Yet the real reason Baluchistan matters is not resources. A trail of hundreds of bullet-riddled bodies of Baluch activists, students and even poets, provides a clue to the biggest question hanging over Pakistan’s future. Can the fragile state garner the legitimacy needed to beat its many challengers, or is the nuclear-armed country locked in a spiral of violent decline?
The Baluchistan conflict is both distinct from the tensions gripping other parts of Pakistan, and emblematic of them. Imbued with a national identity forged over centuries, the region has felt like it has been treated as a virtual colony by Punjab, the most populous province, since Pakistan’s creation in 1947. Successive revolts have been followed by crackdowns, but little headway has been made in tackling the roots of Baluch marginalisation.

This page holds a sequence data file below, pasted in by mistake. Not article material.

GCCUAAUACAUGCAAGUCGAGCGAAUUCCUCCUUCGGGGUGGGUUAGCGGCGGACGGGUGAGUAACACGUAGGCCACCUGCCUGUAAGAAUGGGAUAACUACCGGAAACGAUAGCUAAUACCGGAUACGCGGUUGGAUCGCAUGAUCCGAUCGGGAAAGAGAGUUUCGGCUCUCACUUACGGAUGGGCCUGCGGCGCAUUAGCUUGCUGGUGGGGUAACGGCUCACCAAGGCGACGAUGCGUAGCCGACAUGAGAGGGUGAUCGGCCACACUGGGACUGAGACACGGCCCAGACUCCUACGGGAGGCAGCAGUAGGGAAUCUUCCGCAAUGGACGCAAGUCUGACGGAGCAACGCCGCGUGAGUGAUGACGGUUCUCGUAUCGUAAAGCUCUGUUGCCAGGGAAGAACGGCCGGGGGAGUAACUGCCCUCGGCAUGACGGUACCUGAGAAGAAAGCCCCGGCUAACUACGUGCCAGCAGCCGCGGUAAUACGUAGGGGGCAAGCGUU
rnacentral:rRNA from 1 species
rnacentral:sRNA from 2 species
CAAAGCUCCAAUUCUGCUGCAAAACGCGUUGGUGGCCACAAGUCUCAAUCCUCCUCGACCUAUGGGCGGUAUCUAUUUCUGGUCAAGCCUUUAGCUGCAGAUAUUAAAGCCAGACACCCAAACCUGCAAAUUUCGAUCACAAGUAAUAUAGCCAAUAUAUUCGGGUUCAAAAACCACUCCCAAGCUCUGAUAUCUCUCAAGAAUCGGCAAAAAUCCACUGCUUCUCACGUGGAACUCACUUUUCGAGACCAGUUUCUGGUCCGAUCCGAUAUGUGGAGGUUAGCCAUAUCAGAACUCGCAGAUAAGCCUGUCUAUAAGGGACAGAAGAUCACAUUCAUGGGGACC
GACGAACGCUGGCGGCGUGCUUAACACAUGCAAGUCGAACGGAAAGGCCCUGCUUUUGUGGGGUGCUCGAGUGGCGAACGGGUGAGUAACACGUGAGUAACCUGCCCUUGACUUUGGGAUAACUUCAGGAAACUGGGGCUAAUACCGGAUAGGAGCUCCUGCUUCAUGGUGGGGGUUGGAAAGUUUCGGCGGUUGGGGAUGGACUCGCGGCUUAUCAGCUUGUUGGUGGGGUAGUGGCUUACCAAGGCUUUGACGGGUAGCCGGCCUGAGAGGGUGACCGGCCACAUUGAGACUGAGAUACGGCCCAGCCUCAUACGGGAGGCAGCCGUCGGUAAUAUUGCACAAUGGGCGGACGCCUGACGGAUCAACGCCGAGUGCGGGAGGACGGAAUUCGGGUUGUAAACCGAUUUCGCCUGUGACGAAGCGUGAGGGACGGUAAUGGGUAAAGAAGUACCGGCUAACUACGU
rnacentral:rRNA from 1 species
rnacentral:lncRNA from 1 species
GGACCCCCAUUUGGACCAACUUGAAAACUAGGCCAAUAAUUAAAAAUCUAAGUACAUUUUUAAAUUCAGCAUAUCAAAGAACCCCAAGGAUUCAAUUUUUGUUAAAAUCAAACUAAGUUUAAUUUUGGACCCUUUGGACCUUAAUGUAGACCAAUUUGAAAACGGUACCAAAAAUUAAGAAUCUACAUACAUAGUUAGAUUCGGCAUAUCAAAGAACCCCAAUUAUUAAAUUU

While Baluchistan’s history is unique, the belief among separatist fighters that the Pakistani state has lost legitimacy is shared by the country’s diverse purveyors of violence, from Taliban insurgents in the mountains on the Afghan frontier, to warring political parties carving up territory in the back streets of Karachi. In Baluchistan, though, the sense of alienation is so strong that some reject the Pakistani project altogether.http://www.ft.com/cms/s/0/c927e6aa-a626-11e1-9453-00144feabdc0.html#axzz1vw74yv1O